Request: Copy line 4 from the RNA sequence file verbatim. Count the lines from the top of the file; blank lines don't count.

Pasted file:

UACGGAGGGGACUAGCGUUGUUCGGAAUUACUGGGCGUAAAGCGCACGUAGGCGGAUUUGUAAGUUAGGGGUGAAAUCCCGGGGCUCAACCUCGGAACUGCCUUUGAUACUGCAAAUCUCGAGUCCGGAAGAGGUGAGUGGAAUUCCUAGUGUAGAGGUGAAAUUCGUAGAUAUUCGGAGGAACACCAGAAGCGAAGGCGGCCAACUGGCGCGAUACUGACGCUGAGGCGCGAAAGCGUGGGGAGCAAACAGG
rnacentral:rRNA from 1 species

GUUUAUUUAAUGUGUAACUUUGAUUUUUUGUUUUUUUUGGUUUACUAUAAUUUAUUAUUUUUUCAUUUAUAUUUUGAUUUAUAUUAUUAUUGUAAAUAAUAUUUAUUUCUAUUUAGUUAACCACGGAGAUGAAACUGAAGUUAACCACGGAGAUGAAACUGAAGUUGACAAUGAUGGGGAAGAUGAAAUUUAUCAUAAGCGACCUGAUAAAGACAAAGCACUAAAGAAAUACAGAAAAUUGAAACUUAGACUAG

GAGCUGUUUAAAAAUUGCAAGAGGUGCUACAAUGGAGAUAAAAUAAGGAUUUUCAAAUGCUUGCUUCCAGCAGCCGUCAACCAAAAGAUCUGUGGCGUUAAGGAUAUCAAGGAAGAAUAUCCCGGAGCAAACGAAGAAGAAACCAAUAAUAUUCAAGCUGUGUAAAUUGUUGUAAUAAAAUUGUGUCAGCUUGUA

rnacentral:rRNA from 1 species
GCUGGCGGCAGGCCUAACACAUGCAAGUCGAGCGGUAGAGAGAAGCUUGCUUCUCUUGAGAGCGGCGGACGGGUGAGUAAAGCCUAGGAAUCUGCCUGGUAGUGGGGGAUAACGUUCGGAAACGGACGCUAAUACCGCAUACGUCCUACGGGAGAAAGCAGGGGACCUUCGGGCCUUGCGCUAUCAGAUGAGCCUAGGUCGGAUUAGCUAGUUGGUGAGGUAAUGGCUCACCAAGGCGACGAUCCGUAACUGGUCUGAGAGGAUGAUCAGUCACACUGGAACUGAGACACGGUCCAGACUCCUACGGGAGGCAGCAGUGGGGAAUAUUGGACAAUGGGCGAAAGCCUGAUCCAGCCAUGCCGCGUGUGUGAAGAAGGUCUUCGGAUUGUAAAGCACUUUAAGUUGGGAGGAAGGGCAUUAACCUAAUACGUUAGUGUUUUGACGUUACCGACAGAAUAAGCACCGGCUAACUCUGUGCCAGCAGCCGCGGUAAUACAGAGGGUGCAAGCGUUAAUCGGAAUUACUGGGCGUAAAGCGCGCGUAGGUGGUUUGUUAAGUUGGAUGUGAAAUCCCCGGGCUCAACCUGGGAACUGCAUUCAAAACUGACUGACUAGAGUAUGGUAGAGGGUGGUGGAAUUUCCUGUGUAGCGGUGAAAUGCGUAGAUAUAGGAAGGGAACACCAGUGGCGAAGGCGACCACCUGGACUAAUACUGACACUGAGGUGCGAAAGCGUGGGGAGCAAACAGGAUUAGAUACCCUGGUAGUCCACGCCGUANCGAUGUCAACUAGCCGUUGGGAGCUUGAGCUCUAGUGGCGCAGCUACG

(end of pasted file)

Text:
GAGCUGUUUAAAAAUUGCAAGAGGUGCUACAAUGGAGAUAAAAUAAGGAUUUUCAAAUGCUUGCUUCCAGCAGCCGUCAACCAAAAGAUCUGUGGCGUUAAGGAUAUCAAGGAAGAAUAUCCCGGAGCAAACGAAGAAGAAACCAAUAAUAUUCAAGCUGUGUAAAUUGUUGUAAUAAAAUUGUGUCAGCUUGUA